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Notes on Paul Romaine (1906-1986), bookseller of Chicago

Paul Romaine, the Chicago bookseller, was born in St. Louis and moved to Chicago. Romaine is said to have been much respected among Chicago booksellers. One bookseller with whom I spoke in early 2000, called him "legendary" in Chicago bookselling circles.  Romaine is said to have freely helped young booksellers. For example, Henry Noyes recounted on ChinaBooks.com how in the early 1970s he was encouraged by Paul Romaine, who ran "the only independent bookstore in the Chicago Loop.") Hemingway wrote two letters to Romaine, cited in the Collected Letters of Ernest Hemingway.

One of Romaine's more notorious claims to fame was for his prosecution under Illinois' obscenity laws for selling a copy of the eighteenth century novel, Memoirs of a Woman of Pleasure, a.k.a., Fanny Hill, by John Cleland.

Obscenity Court Case

Romaine was convicted of violating an Illinois obscenity statute, as described by Justice Schaefer of the Illinois Supreme Court, on appeal:

A jury found the defendant, Paul Romaine, guilty of the offense of obscenity (Ill.Rev.Stat.1963, chap. 38, par. 11--20), because he sold a copy of the book 'Memoirs of a Woman of Pleasure', better known as 'Fannie Hill'. He was fined $1,000 and placed on probation for two years. He appeals directly to this court primarily on the ground that his conviction violated the State and Federal constitutions because the book is not obscene; he also urges that many errors, alleged to have occurred during the trial, also require reversal. Under the decisions of the Supreme Court of the United States, we find it necessary to consider only two issues: first, whether there was an element of pandering in the sale of the book, the second, whether the book is obscene.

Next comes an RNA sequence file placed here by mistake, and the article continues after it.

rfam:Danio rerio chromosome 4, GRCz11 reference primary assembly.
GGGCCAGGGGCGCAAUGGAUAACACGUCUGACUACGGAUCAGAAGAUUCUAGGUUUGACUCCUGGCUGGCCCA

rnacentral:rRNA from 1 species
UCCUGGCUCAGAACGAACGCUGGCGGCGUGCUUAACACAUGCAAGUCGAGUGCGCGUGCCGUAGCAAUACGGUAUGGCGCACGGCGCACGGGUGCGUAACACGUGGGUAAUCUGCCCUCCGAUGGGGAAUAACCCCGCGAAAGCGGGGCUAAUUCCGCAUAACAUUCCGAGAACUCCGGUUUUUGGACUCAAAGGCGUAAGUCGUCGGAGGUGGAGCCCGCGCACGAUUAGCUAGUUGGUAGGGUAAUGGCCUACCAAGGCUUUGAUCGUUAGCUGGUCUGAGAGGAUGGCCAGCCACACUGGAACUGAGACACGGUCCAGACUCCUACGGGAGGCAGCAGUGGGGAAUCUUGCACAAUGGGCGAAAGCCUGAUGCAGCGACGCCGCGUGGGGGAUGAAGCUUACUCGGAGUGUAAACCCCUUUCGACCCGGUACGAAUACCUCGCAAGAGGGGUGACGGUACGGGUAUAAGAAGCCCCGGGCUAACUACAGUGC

John Skinkus, a Chicago police officer, testified that he entered the defendant's book store and 'asked Mr. Romaine if he had a book entitled Memoirs of a Woman of Pleasure,' and Romaine replied that he did. He then asked Romaine 'if that was the Fanny Hill book,' and Romaine replied 'that it was taken from the text of a 17th [sic -PR] century novel, (of) which there are several on display in several museums of the different countries.' Romaine picked up the book and gave it to him. He gave Romaine $6.00 and some cents for the book and left the store. The book had been lying on a table marked 'New Books'. It is not illustrated and there are no pictures on its dust jacket, which referred to the book as 'an outstanding literary curiosity.'
-Summation of the case People v. Paul Romaine, by Justice Schaefer, 231 N.E.2d 413-14. (Citing Supreme Court of Illinois. Docket No. 39487, 30 Nov. 1967).

Was it a significant case? No, not really, from the perspective of constitutional law. Justice Schaefer based his decision on existing case law from the Supreme Court.

Since people (especially from Chicago) ask: I'm no relation to Paul Romaine the bookseller, but I'm glad to be a namesake.





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